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Variables and functions

Inside a Python script, you get access to some useful variables and functions.

context Variable

A context object with information relevant to the model through which the script was run. For the meta Syntax example, we would get the following:

context.current_model.name
# str
#= historical_ozone_levels

context.current_model.status
# NodeStatus, enum: 'success' | 'error' | 'skipped'

context.current_model.columns
# Dict[str, ColumnInfo(name: str, tags: List[str], meta: Dict)]

context.current_model.tests
# List[CurrentTest(name: str, modelname: str, column: str, status: str)]

context.current_model.meta
# meta information in the schema.yml
#= {'owner': '@me'}

context object also has access to test information related to the current model. If the previous dbt command was either test or build, the context.current_model.test property is populated with a list of tests:

context.current_model.tests
#= [CurrentTest(name='not_null', modelname='historical_ozone_levels, column='ds', status='Pass')]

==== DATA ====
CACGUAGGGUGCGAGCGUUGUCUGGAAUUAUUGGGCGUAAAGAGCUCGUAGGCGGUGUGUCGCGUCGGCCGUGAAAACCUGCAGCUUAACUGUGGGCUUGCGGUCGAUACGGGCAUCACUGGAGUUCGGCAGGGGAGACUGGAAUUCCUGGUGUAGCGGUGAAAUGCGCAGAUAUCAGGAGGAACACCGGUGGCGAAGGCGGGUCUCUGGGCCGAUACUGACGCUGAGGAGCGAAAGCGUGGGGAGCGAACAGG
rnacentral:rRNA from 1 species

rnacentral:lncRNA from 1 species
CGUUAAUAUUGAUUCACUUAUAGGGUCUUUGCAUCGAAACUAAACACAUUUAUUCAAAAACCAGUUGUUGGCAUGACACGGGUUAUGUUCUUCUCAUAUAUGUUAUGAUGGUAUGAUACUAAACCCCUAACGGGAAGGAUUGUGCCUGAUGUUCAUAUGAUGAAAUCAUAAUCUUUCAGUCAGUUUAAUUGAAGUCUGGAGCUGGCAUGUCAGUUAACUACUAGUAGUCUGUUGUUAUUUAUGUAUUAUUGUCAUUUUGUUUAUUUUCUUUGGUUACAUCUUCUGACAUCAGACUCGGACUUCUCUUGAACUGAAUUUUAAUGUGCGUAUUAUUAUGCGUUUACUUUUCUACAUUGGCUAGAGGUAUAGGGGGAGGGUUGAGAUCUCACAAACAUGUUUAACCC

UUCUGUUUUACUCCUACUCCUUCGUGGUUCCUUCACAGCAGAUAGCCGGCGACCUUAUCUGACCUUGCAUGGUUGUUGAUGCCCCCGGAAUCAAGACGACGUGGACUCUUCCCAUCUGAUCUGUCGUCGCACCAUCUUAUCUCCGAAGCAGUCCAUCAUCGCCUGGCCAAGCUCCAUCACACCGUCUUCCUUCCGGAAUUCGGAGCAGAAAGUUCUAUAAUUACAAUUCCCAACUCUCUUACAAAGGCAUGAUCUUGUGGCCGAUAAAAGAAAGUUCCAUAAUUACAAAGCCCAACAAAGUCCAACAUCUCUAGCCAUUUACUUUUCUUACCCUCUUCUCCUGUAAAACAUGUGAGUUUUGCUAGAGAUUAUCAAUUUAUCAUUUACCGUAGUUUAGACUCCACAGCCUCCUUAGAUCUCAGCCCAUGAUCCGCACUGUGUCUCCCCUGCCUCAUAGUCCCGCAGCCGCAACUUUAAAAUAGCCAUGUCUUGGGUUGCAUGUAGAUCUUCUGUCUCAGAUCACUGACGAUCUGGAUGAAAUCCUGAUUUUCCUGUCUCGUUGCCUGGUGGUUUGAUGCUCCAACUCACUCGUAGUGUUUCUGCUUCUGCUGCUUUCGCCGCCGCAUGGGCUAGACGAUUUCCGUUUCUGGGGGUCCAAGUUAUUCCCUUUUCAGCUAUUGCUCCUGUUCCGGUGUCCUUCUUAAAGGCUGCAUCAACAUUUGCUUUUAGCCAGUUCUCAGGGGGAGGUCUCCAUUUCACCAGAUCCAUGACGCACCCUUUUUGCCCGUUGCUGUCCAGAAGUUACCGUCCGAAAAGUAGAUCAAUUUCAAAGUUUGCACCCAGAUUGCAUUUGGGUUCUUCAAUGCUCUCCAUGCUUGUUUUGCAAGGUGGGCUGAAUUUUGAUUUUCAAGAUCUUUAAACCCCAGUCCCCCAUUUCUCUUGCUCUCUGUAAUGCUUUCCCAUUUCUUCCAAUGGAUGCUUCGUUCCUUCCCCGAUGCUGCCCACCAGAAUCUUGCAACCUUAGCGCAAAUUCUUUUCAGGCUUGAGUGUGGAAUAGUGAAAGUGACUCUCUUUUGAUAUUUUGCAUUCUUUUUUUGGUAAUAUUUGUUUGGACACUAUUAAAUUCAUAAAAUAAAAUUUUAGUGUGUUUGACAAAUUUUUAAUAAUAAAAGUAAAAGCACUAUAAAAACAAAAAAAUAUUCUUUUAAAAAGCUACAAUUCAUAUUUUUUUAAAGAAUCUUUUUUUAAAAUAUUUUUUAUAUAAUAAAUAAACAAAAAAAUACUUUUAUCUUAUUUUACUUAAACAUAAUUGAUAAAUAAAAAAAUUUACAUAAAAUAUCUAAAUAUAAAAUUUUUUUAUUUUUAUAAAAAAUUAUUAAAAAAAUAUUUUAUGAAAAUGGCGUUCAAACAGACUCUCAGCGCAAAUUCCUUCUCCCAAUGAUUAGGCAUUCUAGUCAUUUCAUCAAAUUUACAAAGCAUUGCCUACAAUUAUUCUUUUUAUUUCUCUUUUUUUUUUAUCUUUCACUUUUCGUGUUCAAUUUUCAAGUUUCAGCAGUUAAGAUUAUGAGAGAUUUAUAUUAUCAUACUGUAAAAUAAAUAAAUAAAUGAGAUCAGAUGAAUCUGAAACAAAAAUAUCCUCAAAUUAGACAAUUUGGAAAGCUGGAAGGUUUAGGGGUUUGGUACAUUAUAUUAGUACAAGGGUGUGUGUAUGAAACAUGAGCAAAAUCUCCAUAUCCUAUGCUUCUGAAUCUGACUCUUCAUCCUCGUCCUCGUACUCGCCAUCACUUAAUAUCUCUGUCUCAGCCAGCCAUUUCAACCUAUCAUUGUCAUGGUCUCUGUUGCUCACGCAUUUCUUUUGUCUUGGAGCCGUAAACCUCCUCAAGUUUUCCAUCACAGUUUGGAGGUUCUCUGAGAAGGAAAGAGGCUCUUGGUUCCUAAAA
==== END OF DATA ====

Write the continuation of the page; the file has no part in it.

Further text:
Read functions

The familiar dbt functions ref and source are available in fal scripts to read the models and sources as a Pandas DataFrame.

ref function

The ref function is used exactly like in dbt. You reference a model in your project

# returned as `pandas.DataFrame`
df = ref('model_name')

Or a package model (package first, model second)

df = ref('dbt_artifacts', 'dim_dbt__exposures')

You can use the context variable to the the associated model data

df = ref(context.current_model.name)

source function

The source function is used exactly like in dbt. You reference a source in your project

# returned as `pandas.DataFrame`
df = source('source_name', 'table_name')

execute_sql function

You can execute artbitrary SQL from within your Python scripts and get results as pandas DataFrames:

my_df = execute_sql('SELECT * FROM {{ ref("my_model") }}')

As you can see, the query strings support jinja.

Note that the use of ref inside execute_sql does not create a node in a dbt dag. So in the case of Python models, you still need to specify dependencies in a comment at the top of the file. For more details, see here.